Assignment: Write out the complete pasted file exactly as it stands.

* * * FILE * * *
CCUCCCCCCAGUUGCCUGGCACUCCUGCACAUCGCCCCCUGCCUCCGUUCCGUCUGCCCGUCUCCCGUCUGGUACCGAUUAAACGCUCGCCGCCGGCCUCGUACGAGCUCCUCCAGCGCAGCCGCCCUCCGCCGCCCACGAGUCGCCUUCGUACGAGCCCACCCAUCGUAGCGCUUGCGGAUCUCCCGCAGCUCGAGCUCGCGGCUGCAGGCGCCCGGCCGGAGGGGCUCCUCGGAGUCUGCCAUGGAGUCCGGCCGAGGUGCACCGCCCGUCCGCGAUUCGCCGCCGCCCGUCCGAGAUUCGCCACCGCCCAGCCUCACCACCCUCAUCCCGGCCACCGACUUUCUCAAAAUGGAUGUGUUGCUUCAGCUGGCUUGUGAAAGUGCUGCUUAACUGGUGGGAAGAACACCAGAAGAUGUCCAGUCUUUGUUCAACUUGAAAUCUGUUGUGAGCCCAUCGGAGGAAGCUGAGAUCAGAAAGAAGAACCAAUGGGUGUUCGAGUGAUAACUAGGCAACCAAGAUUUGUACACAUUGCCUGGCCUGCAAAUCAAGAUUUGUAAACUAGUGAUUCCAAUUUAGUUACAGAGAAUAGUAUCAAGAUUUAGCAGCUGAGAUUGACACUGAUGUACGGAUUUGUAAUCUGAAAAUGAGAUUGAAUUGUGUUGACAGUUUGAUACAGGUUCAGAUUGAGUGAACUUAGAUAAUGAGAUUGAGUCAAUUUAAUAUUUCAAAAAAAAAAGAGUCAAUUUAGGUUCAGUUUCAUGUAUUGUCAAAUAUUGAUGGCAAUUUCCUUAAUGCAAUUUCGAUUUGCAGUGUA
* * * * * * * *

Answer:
CCUCCCCCCAGUUGCCUGGCACUCCUGCACAUCGCCCCCUGCCUCCGUUCCGUCUGCCCGUCUCCCGUCUGGUACCGAUUAAACGCUCGCCGCCGGCCUCGUACGAGCUCCUCCAGCGCAGCCGCCCUCCGCCGCCCACGAGUCGCCUUCGUACGAGCCCACCCAUCGUAGCGCUUGCGGAUCUCCCGCAGCUCGAGCUCGCGGCUGCAGGCGCCCGGCCGGAGGGGCUCCUCGGAGUCUGCCAUGGAGUCCGGCCGAGGUGCACCGCCCGUCCGCGAUUCGCCGCCGCCCGUCCGAGAUUCGCCACCGCCCAGCCUCACCACCCUCAUCCCGGCCACCGACUUUCUCAAAAUGGAUGUGUUGCUUCAGCUGGCUUGUGAAAGUGCUGCUUAACUGGUGGGAAGAACACCAGAAGAUGUCCAGUCUUUGUUCAACUUGAAAUCUGUUGUGAGCCCAUCGGAGGAAGCUGAGAUCAGAAAGAAGAACCAAUGGGUGUUCGAGUGAUAACUAGGCAACCAAGAUUUGUACACAUUGCCUGGCCUGCAAAUCAAGAUUUGUAAACUAGUGAUUCCAAUUUAGUUACAGAGAAUAGUAUCAAGAUUUAGCAGCUGAGAUUGACACUGAUGUACGGAUUUGUAAUCUGAAAAUGAGAUUGAAUUGUGUUGACAGUUUGAUACAGGUUCAGAUUGAGUGAACUUAGAUAAUGAGAUUGAGUCAAUUUAAUAUUUCAAAAAAAAAAGAGUCAAUUUAGGUUCAGUUUCAUGUAUUGUCAAAUAUUGAUGGCAAUUUCCUUAAUGCAAUUUCGAUUUGCAGUGUA